JS: Oh, boy, there’s a lot. Some are art, some aren’t; I have the tiny ghost of an M visible over my right breast, which is the last remaining tracery of having had MEAT carved into my chest with a scalpel – that, clearly, was BDSM. I have a tiger carved into my thigh, and that was for a circus performance for the Flying Tiger Circus, that I did on stage for my friend’s piercing studio’s 20th anniversary, where I got to share the stage with Erik Dakota, as well as many other fantastically talented performers – pretty cool. I have an abstract brand that runs most of my entire left side, which was also art; it just moves along with the contours of my body to highlight it and look kinda sexy. I have a small star-shaped thing above my left hip, which WAS from BDSM – carved with the bevel of a needle in a relatively intense scene. My back piece is tattoo work, and it’s a zombie girl molesting a living one, which I got just because I really love horror and zombies All that said, though, I haven’t really engaged in BDSM for quite some time.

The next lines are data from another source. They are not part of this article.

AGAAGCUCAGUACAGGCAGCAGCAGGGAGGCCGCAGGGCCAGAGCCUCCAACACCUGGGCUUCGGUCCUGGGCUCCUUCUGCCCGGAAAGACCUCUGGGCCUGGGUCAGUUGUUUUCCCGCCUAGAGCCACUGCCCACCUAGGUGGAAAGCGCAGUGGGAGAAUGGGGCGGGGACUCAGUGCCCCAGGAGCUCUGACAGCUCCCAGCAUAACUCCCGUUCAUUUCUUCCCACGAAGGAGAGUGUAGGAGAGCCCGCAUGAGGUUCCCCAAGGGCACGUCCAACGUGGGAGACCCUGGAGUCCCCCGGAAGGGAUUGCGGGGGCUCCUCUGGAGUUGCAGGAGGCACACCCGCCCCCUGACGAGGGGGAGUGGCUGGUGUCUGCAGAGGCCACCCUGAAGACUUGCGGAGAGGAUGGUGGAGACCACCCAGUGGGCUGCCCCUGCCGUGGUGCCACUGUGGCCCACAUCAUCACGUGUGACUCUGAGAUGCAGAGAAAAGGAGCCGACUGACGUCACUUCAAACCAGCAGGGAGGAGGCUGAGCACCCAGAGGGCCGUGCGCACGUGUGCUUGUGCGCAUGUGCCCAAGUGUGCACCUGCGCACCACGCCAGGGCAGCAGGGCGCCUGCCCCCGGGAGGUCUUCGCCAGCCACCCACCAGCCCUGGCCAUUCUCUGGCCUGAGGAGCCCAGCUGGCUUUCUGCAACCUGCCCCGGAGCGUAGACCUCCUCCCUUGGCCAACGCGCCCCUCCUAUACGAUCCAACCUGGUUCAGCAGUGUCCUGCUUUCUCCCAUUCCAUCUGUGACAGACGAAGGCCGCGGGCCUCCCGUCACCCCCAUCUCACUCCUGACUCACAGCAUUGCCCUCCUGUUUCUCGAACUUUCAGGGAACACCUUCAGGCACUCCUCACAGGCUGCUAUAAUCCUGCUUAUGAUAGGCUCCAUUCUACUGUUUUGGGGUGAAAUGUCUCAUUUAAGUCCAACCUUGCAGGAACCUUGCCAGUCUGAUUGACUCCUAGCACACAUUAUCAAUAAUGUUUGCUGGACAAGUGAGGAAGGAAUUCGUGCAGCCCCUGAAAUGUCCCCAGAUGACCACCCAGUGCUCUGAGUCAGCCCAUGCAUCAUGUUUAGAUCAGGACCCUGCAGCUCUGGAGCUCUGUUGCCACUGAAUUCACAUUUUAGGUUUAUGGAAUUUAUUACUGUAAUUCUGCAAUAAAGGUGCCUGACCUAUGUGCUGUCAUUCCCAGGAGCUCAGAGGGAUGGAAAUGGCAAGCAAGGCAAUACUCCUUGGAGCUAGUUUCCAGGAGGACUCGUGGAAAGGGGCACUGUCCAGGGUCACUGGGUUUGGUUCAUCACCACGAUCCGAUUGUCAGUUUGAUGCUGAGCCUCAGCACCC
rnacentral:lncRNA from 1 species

MF: This kind of S/M stuff is very scary and threatening to a lot of vanilla folks, have your scars kept you from getting any gigs?
JS: Not to my knowledge.
MF: You speak publicly about body modification and transforming yourself into a “perfect Barbie Doll.” Can you tell me when and how your interest in dollification began?